Ross Chastain Will Not Ride the Wall Again

Ross Chastain will not ride the wall again Meg Oliphant
Ross Chastain's wild last-gasp pass to secure his place in NASCAR's Championship Four has evolved from a racing spectacle into a veritable cultural phenomenon. You can see the move almost everywhere right now, from SportsCenter recaps to video game blogs to group chats with grandma.
It was a one-time maneuver by Chastain, a star moment. The Wall Ride now has its own section on Wikipedia (fans of Chastain, from a family that grows watermelons in Florida, call it "The Hail Melon"); it has taken on an inertia of its own, and even with a championship to be won, Chastain clutches the reins of a moment that has become something else entirely.
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"I mean, it's bigger than me. It's bigger than NASCAR in a way," Chastain said. “I don't know if I'll ever fully grasp how far it's come and the range it's had, but what's so great about this sport is that we're pushing these race cars to the limit and every now and then you get something really spectacular."
Stacy Revere
The race against the limits of humanity and physics will always produce something spectacular. But that was different. Perhaps something that transcends physics in that it shattered our expectations of how the sport should work. I mean, that wasn't a move born in physics at all. Chastain originally admitted that the idea of ​​playing NASCAR on GameCube came to him as a kid in 2005. Racecars just never do, I argued.
“All I know is that the last time I can remember [the wall ride] was done, back then. Yes, I don't know, I just know. I didn't do it in simulators, didn't do it that way on iRacing on purpose. So that would be it. I was an occasional NASCAR fan and played the [video] games... and never considered attacking the corner like that. And yes, that's why it worked.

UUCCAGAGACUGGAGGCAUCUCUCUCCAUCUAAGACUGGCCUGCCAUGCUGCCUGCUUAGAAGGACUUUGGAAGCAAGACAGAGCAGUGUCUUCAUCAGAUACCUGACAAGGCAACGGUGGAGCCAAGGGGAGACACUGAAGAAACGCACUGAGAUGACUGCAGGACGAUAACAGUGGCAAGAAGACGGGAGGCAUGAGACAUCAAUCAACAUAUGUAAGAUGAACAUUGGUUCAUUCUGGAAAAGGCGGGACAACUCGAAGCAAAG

Chastain paused to think it all over, and our Zoom call ended. I thought the line might have been cut, but his voice perked up in the silence.
"I'm not sure how I'll see it going forward, but I think it'll outlive me for sure," he said.
Again, as my colleague Fred Smith noted, it pays to look at the context. For Chastain, the Wall Ride, as spectacular as it is, is just the icing on the cake of an already wonderful season. Throughout 2022 he has seized his first opportunity in a truly competitive car and seized it, going from mid-range contender to title challenger in an absolute sprint.
"It was wild. I just thought I found my niche in the mid-size Xfinity, behind the pack cup, and maybe some good trucks someday. Yes. I thought that was my career. And it has been a learning curve to learn to accept what we are doing and to learn to seize the opportunities that are in front of us. I'm still nervous on race day and I hope I never lose that," he said.
Chastain said that nervousness, that emotion, that desire to keep improving, it all comes naturally, they're tools he uses to hone his skills. It's a humility you wouldn't expect from one of racing's elite drivers, especially one who has just achieved the EEEHAWWW Pass of the Century.
The story goes on

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